Carnival trash talk...

The return of the waters of March to Rio de Janeiro's coast line have inspired me to revitalize this blog named after the classic Tom Jobim tune. As another carnival comes to an end, rhinestone-embellished costumes and two-tier sound trucks are put into storage. Drunken tourists flock back to their nests and drunken cariocas recover from the massive hangover with a city full of trash. 

Image of Ipanema beach with trash. Source: Reuters

Image of Ipanema beach with trash. Source: Reuters


Carnival has always been a dirty holiday. For five days, millions of revelers cram into Rio's neighborhoods chasing street parties or blocos and leaving a trail of beer cans and costume appendages and streams of public urination behind. By the time Fat Tuesday rolls around the city stinks, especially near the beach. The humidity, the trash and the pee smell create a dank odor that can only be described by words not appropriate for print (or blog). 

The good people of Febreeze have obviously never been to Rio during carnival... 

The good people of Febreeze have obviously never been to Rio during carnival... 

This year, both the odor and rubbish got worse as some of the city's orange-clad trash collectors (known as garis) declared a strike. Their demands include weekend overtime, a $3 (R$8) increase to their food vouchers and an $175 (roughly R$400) annual salary increase.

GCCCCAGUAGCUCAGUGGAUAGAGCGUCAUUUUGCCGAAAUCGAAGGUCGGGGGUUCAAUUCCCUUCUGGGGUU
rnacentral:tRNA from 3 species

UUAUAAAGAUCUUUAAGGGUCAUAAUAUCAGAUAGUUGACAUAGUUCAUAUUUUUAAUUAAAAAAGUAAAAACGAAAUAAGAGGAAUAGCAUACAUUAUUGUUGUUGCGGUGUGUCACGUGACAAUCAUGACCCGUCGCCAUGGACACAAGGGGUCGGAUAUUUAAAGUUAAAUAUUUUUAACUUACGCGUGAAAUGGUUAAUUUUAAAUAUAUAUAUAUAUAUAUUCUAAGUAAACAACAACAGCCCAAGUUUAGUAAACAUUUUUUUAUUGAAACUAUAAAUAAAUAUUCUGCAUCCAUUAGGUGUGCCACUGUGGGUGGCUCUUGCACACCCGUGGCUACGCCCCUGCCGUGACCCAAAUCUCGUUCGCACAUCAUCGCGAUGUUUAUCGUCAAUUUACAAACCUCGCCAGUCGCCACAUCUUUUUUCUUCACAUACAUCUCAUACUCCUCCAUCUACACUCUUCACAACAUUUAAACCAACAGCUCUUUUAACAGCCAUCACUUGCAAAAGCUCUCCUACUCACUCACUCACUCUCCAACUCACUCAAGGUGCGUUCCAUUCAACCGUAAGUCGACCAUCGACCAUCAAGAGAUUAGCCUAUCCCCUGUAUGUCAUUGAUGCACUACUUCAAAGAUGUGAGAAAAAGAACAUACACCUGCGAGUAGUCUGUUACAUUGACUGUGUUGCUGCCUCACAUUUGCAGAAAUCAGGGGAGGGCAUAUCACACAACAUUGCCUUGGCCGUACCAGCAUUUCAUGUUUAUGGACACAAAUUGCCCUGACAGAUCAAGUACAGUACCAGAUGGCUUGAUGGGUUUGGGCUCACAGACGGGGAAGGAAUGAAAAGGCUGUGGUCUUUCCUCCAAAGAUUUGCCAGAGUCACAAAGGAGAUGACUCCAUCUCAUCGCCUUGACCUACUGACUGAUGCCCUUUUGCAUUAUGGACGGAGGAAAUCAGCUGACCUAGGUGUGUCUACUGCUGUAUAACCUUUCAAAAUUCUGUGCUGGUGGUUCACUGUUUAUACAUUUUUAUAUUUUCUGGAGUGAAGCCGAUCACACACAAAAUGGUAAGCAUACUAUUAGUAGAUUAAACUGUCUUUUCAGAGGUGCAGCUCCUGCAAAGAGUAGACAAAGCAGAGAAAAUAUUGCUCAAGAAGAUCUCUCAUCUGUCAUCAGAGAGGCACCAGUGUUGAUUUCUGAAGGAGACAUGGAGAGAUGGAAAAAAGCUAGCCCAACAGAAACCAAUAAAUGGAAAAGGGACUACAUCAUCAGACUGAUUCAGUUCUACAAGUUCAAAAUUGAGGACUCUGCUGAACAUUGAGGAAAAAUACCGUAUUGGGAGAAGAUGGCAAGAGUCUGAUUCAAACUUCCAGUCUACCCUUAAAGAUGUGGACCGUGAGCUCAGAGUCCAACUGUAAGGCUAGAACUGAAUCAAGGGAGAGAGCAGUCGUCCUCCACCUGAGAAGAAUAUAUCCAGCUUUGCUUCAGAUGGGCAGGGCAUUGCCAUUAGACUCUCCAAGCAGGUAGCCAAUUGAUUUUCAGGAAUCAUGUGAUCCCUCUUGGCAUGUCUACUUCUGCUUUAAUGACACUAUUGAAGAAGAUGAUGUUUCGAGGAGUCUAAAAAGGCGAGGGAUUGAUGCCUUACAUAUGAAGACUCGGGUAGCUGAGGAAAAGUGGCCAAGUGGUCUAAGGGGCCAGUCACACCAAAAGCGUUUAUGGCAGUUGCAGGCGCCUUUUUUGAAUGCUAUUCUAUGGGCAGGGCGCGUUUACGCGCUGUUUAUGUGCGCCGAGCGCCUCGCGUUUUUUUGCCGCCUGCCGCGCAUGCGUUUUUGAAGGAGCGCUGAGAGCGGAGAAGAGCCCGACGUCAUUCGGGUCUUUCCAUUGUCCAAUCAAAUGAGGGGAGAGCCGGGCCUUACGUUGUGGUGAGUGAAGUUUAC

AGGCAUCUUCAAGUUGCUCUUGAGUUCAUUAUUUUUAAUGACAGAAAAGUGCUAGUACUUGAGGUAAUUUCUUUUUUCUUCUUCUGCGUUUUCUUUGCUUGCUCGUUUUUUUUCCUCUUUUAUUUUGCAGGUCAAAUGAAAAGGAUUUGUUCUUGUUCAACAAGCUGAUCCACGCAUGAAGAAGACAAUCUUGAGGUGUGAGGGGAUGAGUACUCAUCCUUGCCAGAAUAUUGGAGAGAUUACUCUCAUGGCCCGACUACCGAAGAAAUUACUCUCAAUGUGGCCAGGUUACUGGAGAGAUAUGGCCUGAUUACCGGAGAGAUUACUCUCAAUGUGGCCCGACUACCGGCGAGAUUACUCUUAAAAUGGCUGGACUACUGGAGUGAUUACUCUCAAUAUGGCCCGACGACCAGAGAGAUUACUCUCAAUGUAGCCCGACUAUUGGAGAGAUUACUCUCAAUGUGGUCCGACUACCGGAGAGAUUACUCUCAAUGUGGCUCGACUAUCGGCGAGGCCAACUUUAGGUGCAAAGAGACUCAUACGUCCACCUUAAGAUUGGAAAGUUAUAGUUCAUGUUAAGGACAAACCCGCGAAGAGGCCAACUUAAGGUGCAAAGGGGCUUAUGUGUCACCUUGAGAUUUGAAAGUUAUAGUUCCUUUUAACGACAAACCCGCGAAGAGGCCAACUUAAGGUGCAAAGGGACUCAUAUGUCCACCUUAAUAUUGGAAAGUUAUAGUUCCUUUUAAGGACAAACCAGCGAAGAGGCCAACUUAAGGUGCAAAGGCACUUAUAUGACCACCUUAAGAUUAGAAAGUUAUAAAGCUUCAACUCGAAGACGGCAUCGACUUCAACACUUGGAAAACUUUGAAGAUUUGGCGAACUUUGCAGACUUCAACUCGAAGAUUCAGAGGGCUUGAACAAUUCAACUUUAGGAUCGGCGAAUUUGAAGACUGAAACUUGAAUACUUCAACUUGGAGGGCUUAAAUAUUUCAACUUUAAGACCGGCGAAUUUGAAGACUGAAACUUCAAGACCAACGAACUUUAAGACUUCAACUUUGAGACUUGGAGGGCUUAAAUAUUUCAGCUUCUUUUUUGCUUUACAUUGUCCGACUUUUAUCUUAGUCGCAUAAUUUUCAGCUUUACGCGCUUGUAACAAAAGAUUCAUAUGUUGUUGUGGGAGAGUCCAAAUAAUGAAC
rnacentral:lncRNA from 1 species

The strike is now in its 7th day and Rio is buried under a sea of trash. In some areas, entire sidewalks have been obstructed forcing pedestrians into ongoing traffic. Some people, like Alexandre, have taken the matter into their own hands as shown by www.realrioblog.com author Julia Michaels. 


During the past five years, Rio has hosted a series of major events, including World Youth Day, the Rock in Rio music festival and the Rio + 20 conference on climate change in addition to the annual carnival and the city's world-reknown New Year's eve celebration. This year, it will be the site of several World Cup matches, including the final. 

This influx of people increases waste. As the city commits to more and more of these major international events, the trash collectors continue to get their hands dirty and work weekends and unreasonable hours. 

The accumulation of trash doesn't only bring a foul smell, it increases the chance of disease and vermin. Rio's geography and terrible drainage system also makes the city susceptible. This week's forecast shows a high chance of rain. If the summer showers drag the piles of debris into the city's manholes, there will be flooding. It will create chaos and collapse the city's arteries with traffic. 

We need to put an end to this rubbish, give the garis what they want Mr. Mayor.